abstract = "Aims The goal of this study was to investigate if biofilm formation on population level is a physiological requirement for antagonism in Phaeobacter inhibens DSM17395, since the antibiotic compound tropodithietic acid (TDA) is produced by several Roseobacter clade species during growth as multicellular aggregates or biofilms at the air–liquid interface and is induced on single cell level upon attachment. Methods and Results A mutant library was created by Tn5 transposon insertion and 22 TDA-positive (brown) mutants with decreased biofilm formation or adhesion, and eight TDA-negative (white) mutants with increased biofilm formation or adhesion were selected. None of the selected biofilm-overproducing white mutants showed any antibiotic activity, while all brown mutants with reduced or disabled biofilm formation produced the antibacterial compound. Sequencing analysis indicated that genes that are likely involved in EPS/LPS production, motility and chemotaxis, and redox regulation play a role in biofilm formation and/or adhesion in P. inhibens DSM17395. Conclusions Cell aggregation and biofilm formation are not physiological prerequisites for TDA production. Significance and Impact of the Study This study contributes to the understanding of TDA production in P. inhibens, which has great potential as a probiotic in marine larviculture",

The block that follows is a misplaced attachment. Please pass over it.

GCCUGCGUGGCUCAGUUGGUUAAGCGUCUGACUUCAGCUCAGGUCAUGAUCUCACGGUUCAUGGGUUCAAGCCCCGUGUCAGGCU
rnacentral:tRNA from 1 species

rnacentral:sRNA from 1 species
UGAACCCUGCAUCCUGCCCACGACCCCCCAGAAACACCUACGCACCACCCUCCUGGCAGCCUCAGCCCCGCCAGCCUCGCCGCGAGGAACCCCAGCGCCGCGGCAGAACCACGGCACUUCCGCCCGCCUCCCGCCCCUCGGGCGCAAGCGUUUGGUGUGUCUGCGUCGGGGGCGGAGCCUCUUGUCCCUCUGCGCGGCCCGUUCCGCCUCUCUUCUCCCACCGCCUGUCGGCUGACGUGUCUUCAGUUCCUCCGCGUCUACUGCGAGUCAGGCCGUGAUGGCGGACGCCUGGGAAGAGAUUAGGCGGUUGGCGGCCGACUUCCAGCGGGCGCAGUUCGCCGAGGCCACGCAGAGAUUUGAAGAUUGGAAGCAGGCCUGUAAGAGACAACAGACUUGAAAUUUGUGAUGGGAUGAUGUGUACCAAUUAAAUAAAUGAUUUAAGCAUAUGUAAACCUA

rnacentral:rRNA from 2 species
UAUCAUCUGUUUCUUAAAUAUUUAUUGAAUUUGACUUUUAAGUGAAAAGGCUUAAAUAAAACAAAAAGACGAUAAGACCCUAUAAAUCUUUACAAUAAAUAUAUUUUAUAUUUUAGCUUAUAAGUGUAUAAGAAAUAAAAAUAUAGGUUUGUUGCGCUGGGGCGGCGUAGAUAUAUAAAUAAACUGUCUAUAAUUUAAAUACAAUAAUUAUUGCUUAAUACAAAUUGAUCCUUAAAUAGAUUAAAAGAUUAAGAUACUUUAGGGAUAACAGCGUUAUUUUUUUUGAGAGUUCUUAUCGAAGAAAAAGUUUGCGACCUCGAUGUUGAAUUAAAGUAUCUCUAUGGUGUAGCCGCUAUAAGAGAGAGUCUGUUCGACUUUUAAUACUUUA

author = "{Prol Garc{\'i}a}, {Mar{\'i}a Jes{\'u}s} and Paul D'Alvise and Rygaard, {Anita Mac} and Lone Gram",
year = "2014",
doi = "10.1111/jam.12659",
language = "English",
volume = "117",
pages = "1592--1600",
journal = "Journal of Applied Microbiology",
issn = "1364-5072",
publisher = "Wiley-Blackwell",
number = "6",

}

Biofilm formation is not a prerequisite for production of the antibacterial compound tropodithietic acid in Phaeobacter inhibens DSM17395. / Prol García, María Jesús; D'Alvise, Paul; Rygaard, Anita Mac; Gram, Lone.

In: Journal of Applied Microbiology, Vol. 117, No. 6, 2014, p. 1592-1600.

Research output: Contribution to journalJournal articleResearchpeer-review

TY - JOUR

T1 - Biofilm formation is not a prerequisite for production of the antibacterial compound tropodithietic acid in Phaeobacter inhibens DSM17395

AU - Prol García, María Jesús

AU - D'Alvise, Paul

AU - Rygaard, Anita Mac

AU - Gram, Lone

PY - 2014

Y1 - 2014